Preparing for divorce is never easy. Once you accept that you are going to divorce, you start to realize how many decisions you need to make. Your finances, your children and the divorce itself need your attention. It can be overwhelming even to begin.
There’s no magic bullet to make it simple. Still, collaborative divorce can make preparing for divorce a little easier. It gives you structure and the tools you need to work through the decision-making process. If you are preparing for divorce, a collaborative process can help you manage what you must do.
When preparing for divorce, some of the hardest decisions involve your children. You and your spouse must decide where they will live and how you will make medical and educational choices for them. Battling this out in a traditional divorce can hurt you, your ex and the children.
The collaborative divorce process adds critical communications to the mix. Instead of fighting, you work together for the best solution for everyone. You can work out a co-parenting schedule together and talk it through from the beginning. This takes away some of the guesswork and gets you and your spouse working together from the start.
You must also decide how to allocate your assets. Does one of you keep the house, or will you sell it and split the proceeds? How do you divide cars, cash and the rest of what you own? Too often divorces become bitter over items both large and small.
A collaborative divorce does not make preparing for divorce easy. Perhaps nothing can. But with the assistance of collaboratively trained attorneys and neutral financial and communication specialists to work toward a deal, it does make the process smoother. Reviewing the numbers together gives you a shared perspective for decision-making.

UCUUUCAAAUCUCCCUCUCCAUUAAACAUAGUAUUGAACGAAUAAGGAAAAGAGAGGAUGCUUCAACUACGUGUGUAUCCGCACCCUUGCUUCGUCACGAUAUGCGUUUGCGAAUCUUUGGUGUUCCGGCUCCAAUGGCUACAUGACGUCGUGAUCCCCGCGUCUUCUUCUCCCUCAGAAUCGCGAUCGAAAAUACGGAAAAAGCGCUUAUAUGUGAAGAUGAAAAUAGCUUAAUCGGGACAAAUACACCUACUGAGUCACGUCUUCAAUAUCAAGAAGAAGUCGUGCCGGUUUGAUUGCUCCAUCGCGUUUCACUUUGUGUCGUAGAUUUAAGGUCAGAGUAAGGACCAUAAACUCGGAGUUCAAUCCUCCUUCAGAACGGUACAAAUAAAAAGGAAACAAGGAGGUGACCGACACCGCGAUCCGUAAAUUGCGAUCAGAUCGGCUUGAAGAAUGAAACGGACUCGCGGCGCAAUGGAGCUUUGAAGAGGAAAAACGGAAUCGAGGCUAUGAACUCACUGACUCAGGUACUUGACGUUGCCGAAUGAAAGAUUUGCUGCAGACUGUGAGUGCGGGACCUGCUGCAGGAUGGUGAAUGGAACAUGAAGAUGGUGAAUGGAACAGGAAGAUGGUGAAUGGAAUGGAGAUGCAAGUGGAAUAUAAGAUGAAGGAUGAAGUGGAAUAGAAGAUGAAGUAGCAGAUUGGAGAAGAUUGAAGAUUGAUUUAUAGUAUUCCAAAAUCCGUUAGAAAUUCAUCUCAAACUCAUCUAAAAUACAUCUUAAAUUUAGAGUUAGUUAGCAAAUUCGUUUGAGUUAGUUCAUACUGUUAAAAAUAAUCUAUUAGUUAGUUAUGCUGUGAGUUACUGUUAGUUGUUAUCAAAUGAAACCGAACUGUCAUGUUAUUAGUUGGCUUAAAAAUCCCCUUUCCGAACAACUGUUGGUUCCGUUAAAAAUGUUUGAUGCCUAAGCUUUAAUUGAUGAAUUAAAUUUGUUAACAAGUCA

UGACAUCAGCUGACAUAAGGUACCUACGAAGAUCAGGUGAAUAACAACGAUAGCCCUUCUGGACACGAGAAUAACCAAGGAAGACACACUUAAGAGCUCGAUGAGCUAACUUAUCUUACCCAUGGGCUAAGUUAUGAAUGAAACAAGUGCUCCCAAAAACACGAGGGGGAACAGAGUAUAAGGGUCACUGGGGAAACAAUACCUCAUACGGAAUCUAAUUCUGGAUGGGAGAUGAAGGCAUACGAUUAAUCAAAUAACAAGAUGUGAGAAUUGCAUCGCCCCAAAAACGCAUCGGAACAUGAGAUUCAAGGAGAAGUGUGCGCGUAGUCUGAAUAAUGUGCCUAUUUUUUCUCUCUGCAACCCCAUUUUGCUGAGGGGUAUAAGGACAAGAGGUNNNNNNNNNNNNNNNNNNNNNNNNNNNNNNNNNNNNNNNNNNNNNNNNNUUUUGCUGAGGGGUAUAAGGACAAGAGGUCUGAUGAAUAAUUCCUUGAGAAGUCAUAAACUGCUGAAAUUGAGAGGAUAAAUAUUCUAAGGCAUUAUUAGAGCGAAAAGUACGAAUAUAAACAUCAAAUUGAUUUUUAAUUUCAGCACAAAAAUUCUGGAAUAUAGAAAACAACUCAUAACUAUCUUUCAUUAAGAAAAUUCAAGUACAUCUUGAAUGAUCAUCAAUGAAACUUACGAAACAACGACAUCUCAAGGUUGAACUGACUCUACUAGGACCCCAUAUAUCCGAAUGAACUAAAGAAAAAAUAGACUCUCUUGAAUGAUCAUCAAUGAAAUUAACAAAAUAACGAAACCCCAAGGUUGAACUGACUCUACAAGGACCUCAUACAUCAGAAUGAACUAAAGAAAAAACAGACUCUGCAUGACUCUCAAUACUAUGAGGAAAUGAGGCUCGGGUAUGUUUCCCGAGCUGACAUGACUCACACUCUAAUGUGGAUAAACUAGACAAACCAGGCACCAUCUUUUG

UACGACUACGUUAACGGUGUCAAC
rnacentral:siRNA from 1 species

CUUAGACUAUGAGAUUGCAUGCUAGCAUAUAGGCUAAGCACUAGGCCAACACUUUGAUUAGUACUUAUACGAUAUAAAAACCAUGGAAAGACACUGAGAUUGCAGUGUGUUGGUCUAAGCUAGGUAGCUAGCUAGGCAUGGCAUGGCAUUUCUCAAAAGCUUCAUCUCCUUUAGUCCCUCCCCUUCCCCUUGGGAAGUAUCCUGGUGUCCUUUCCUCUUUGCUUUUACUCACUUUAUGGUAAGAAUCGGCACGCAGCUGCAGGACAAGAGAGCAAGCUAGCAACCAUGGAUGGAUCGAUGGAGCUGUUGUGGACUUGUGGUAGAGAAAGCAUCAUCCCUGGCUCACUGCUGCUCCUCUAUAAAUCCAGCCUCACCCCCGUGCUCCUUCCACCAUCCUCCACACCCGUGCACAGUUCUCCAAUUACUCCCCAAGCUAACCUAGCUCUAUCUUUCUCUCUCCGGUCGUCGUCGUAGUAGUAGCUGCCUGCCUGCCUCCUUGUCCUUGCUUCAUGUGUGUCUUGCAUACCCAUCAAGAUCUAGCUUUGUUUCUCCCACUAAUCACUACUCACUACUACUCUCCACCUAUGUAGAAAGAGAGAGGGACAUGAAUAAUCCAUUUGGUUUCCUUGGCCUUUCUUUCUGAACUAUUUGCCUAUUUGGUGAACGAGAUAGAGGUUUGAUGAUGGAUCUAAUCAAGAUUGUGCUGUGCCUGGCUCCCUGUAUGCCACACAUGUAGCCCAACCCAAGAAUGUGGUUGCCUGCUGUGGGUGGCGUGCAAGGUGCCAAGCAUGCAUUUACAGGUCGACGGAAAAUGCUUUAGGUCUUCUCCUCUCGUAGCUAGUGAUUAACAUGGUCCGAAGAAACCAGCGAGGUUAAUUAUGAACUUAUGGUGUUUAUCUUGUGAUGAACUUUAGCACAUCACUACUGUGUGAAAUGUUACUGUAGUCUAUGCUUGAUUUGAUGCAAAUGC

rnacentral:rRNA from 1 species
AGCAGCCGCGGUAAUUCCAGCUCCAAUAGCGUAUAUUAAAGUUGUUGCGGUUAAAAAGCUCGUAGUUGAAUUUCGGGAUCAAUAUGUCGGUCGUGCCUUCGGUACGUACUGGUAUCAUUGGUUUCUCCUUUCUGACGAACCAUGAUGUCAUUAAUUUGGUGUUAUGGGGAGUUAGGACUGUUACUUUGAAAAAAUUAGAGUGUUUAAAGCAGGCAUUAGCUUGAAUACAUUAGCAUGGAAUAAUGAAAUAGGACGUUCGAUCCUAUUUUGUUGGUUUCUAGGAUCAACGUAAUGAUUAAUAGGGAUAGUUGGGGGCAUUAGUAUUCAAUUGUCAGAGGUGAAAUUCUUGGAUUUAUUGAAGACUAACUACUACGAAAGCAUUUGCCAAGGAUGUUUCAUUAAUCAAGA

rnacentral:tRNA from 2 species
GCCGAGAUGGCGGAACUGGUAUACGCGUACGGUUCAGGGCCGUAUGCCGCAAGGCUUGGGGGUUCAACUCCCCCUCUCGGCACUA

Child Support and Spousal Support
Parenting time and division of assets are important. Still, they do not represent the end of the process. Preparing for divorce requires you to consider how you will address each other’s day-to-day financial needs after the divorce. One of you may need to pay spousal support, child support or both.
Here again, a traditional divorce often becomes a fierce battleground. One spouse fights for as much financial support as possible, the other fights to limit payments to the lowest amount. This can encourage deceitfulness and resentment. Nobody “wins.”
Preparing for collaborative divorce encourages you to look at financial data together. Your team of divorce professionals can include neutral financial guidance. You want the end result that works best for both of you and your separate futures. Instead of trying to “win,” you will work to find what’s acceptablefor both of you.
Reaching a Fair Agreement
The collaborative divorce process is designed to encourage transparency and respect. It will not be easy. Still, it can make the entire process easier when you are preparing for divorce. Contact the professionals at Best Legal Choices to guide you.